It’s not just about guns...but it’s definitely about guns. The El Paso shooter who was going after “invaders” from Latin America or anyone who might look like one, was armed with an “AK-47 style” weapon. The Dayton shooter used a rifle with a “100-round drum magazine”. These kinds of weapons have only one purpose, to kill lots of people in a short amount of time. Banning assault weapons should be a given…most of the world understands this but our corrupt system of campaign finance (and a bi-partisan one) allows groups like the NRA to buy politicians that will keep any meaningful gun controls from passing. So does this make it also about campaign finance reform? Reforming our political system in general? I think it does and drawing all the lines between gun violence, racism, ultra-nationalism, misogyny, mental health, campaign finance and all of the corrupt and undemocratic aspects of our deeply flawed political system is a sometimes complicated but not impossible task…and critically necessary if we want to win real lasting change.

Needless to say, different people will choose to work on different aspects of this problem, different issues. That’s a good thing. There is no way that wouldn’t happen. But we all need to remember how deep these problems run and how they/we are all connected in some way. And our tactics will be as varied as the issues themselves…marches & rallies, petitions, voting & party activism, civil disobedience etc. as well the critical work of giving material aid to those of us on the front lines of the assault on our democracy like aid to immigrants /refugees and their families, whether it’s legal aid or food, clothing and shelter including sanctuary.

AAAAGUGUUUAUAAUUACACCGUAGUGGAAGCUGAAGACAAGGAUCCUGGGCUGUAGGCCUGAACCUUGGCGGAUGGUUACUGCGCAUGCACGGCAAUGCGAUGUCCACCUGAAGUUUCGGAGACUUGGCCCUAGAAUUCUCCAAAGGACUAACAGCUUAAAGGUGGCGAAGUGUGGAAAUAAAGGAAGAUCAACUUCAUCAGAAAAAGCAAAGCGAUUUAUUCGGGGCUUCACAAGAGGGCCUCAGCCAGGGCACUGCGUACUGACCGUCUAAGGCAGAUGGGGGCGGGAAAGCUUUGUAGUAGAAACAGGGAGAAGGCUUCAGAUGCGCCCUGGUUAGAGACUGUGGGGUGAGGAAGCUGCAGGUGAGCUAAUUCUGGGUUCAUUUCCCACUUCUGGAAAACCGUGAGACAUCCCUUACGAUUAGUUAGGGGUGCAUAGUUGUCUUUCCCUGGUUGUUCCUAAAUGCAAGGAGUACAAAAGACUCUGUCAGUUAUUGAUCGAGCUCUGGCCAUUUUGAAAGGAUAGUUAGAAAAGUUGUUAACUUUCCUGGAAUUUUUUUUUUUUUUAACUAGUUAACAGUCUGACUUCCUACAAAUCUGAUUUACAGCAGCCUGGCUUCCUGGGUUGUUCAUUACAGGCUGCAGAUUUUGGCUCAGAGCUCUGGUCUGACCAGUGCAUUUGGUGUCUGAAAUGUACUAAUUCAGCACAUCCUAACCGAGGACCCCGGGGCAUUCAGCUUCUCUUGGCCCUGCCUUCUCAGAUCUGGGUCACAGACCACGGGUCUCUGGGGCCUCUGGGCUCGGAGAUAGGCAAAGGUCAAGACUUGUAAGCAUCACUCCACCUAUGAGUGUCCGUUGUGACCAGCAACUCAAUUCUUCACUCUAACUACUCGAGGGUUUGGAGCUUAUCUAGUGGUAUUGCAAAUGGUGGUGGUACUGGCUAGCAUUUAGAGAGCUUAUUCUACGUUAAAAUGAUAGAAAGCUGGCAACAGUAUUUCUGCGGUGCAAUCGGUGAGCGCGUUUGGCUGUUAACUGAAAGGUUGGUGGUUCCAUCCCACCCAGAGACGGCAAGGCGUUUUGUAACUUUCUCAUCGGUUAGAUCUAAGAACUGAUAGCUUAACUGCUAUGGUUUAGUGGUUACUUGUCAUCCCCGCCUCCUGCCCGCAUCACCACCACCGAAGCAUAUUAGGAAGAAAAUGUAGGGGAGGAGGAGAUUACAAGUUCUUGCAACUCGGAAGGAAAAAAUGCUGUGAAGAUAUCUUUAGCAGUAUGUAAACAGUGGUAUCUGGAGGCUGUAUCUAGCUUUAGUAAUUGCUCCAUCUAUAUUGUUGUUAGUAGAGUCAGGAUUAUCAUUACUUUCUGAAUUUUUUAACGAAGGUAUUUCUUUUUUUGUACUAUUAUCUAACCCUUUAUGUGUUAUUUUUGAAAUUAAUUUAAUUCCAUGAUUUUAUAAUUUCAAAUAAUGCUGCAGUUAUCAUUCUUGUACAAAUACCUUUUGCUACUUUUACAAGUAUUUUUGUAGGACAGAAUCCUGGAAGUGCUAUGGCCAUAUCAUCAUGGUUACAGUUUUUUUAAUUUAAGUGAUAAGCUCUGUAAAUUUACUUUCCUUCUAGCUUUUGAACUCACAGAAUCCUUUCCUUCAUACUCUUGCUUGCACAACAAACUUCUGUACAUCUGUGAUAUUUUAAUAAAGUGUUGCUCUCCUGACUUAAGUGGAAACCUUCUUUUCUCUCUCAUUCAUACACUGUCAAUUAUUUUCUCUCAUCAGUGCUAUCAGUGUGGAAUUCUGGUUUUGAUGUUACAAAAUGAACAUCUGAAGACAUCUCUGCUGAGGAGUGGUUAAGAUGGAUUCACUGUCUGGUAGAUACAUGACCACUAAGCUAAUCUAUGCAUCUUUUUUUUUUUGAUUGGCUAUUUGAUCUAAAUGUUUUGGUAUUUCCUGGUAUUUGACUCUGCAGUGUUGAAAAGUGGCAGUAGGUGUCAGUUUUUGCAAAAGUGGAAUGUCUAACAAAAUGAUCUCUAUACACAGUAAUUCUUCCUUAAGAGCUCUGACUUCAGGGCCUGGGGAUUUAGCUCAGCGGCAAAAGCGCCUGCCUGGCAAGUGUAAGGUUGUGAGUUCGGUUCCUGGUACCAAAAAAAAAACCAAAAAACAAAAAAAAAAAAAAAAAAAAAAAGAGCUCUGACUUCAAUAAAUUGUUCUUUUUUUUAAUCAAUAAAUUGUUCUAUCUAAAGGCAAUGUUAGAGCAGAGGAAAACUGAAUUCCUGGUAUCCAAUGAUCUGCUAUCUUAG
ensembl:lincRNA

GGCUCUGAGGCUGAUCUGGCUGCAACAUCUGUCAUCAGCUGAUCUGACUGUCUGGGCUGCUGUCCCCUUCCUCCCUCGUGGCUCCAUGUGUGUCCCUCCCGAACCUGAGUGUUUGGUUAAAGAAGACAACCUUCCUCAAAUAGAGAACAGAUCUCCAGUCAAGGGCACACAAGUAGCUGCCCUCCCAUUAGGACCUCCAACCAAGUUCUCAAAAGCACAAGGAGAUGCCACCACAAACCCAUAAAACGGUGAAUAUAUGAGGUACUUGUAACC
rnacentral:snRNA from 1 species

We need to remember that all the things we have in common are greater than any differences between us. We are stronger when we stand together. Solidarity works!



The slide shows above (or below, depending on where you are seeing this post) features pictures from a variety of demonstrations on gun control, civil rights and some other issues.

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Postscript 8/14 in the AM:                                                                                                                                      As I was checking the news this morning I came across 3 stories and a list that I thought I would share:                                                                                                                                                                           1) A story about white supremacist murders since Charlottesville from Democracy Now  by way of Truthout.org: http://bit.ly/2YT6mc0

 2) A story on training for “Biblical Warfare” from The Guardian: http://bit.ly/2Z44SXA

3) From ABC News, the video at the top is from 1 year ago but the text has been updated. It’s about violent incidents related to remarks by President Trump: https://abcn.ws/2YOytZx

4) From Mother Jones Magazine a staggeringly long list of mass shootings in the US since 1982: http://bit.ly/303r7hB